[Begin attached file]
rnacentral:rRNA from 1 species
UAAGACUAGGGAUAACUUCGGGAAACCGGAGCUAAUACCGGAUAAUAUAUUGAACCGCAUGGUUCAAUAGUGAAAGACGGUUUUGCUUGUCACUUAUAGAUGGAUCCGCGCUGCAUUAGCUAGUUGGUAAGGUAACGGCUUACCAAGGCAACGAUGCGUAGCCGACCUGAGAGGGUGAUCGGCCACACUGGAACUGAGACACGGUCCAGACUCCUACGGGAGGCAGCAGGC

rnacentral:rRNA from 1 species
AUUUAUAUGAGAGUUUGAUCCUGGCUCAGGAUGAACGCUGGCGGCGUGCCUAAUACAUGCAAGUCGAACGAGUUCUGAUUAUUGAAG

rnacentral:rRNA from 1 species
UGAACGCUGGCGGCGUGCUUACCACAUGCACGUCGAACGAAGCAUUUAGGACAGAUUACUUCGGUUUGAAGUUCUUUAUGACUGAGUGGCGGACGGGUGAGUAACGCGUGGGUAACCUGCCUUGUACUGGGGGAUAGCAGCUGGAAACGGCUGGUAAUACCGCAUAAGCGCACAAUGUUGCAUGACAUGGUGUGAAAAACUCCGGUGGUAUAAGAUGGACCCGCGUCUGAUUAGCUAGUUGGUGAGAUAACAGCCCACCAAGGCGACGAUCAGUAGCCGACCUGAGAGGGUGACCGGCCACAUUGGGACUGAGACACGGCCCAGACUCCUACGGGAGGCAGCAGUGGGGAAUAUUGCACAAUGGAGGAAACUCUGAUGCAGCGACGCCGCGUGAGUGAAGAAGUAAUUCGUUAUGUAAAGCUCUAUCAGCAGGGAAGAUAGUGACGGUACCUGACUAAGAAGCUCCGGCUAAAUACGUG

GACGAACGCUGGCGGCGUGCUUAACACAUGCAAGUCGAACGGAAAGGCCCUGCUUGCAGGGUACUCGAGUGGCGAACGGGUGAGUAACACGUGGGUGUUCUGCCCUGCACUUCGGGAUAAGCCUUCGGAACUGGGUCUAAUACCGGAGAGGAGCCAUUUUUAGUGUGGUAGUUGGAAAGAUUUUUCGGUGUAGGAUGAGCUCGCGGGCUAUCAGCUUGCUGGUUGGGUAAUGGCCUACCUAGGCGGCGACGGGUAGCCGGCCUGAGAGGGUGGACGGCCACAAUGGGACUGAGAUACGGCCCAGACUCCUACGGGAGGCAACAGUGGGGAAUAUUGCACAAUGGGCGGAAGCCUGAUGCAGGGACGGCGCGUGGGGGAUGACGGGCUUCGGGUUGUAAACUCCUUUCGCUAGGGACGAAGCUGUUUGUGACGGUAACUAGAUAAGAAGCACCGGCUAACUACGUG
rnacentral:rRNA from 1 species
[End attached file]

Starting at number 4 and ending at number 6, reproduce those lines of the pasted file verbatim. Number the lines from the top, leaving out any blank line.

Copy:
AUUUAUAUGAGAGUUUGAUCCUGGCUCAGGAUGAACGCUGGCGGCGUGCCUAAUACAUGCAAGUCGAACGAGUUCUGAUUAUUGAAG

rnacentral:rRNA from 1 species
UGAACGCUGGCGGCGUGCUUACCACAUGCACGUCGAACGAAGCAUUUAGGACAGAUUACUUCGGUUUGAAGUUCUUUAUGACUGAGUGGCGGACGGGUGAGUAACGCGUGGGUAACCUGCCUUGUACUGGGGGAUAGCAGCUGGAAACGGCUGGUAAUACCGCAUAAGCGCACAAUGUUGCAUGACAUGGUGUGAAAAACUCCGGUGGUAUAAGAUGGACCCGCGUCUGAUUAGCUAGUUGGUGAGAUAACAGCCCACCAAGGCGACGAUCAGUAGCCGACCUGAGAGGGUGACCGGCCACAUUGGGACUGAGACACGGCCCAGACUCCUACGGGAGGCAGCAGUGGGGAAUAUUGCACAAUGGAGGAAACUCUGAUGCAGCGACGCCGCGUGAGUGAAGAAGUAAUUCGUUAUGUAAAGCUCUAUCAGCAGGGAAGAUAGUGACGGUACCUGACUAAGAAGCUCCGGCUAAAUACGUG